On July 1, 2012, wildfire command and control operations transferred from the Colorado State Forest Service to the Colorado Department of Public Safety, Division of Fire Prevention & Control.
Wildfire has been an essential part of our environment for millennia, shaping natural ecosystems such as forests and rangelands.
Fire is a vital and natural component of healthy forests, especially in the West. Many species, such as lodgepole pine, partially depend on fire to spread their seeds.
Three components must be present before a fire can start: oxygen, heat and fuel. In the context of wildfires, fuel is any living or dead material that will burn, such as dry leaves, pine trees, fallen branches, grasses and even homes.
Low-intensity fires reduce fuel buildup on the forest floor, thus helping prevent susceptibility to insect infestations and disease outbreaks. Additionally, fire helps recycle nutrients back into the soil and creates a fertile environment for seeds to germinate. Forest fires can enhance wildlife habitat and improve access and appearance.
Historically, fires caused by lightning and ignited by Native Americans helped maintain open forests and grasslands.
By the 1900s, however, Americans grew to fear fire — whether natural or human caused — due to damages to personal property, farmland, livestock and wildlife, and threats to human life. As a result, fire suppression became the norm.
The great fires of 1910 burned more than 3 million acres in the Northern Rockies of Idaho and Montana, took the lives of 78 firefighters and cost the USDA Forest Service more than $20 million (adjusted for inflation). This historic event, known as "The Big Blowup," prompted a decision to put out forest fires as quickly as possible. Now, almost 100 years later, fire suppression has led to severe changes in America's forests.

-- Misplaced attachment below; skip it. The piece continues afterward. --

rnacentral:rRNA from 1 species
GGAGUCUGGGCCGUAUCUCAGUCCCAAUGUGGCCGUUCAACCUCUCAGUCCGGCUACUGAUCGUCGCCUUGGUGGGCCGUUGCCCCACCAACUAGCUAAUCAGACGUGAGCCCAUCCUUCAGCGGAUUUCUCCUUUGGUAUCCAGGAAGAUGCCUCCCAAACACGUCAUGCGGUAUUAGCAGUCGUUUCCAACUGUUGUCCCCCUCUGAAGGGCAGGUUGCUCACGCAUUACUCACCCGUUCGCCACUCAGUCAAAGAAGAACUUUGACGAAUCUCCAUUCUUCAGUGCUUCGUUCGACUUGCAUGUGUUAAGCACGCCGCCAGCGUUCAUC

A century of fire suppression has produced dangerous accumulations of fuels, causing hotter and more intense fires when they do eventually burn. Because of the arrangement of these fuels, fire travels to the top of the forest instead of staying close to the ground. These crown fires are extremely threatening to soils, habitat, property and people.
Excessive fire suppression and fuel buildup have negative impacts on forest health and the humans and wildlife that inhabit the area. However, land managers and homeowners can take preventive measures to reduce the occurrence of catastrophic crown fires. Such actions include clearing dead and downed materials, thinning tree stands and removing other hazardous fuels. Allowing naturally occurring fires to burn without interference or applying fire through prescribed burning can help prevent intense crown fires and maintain a healthy forest.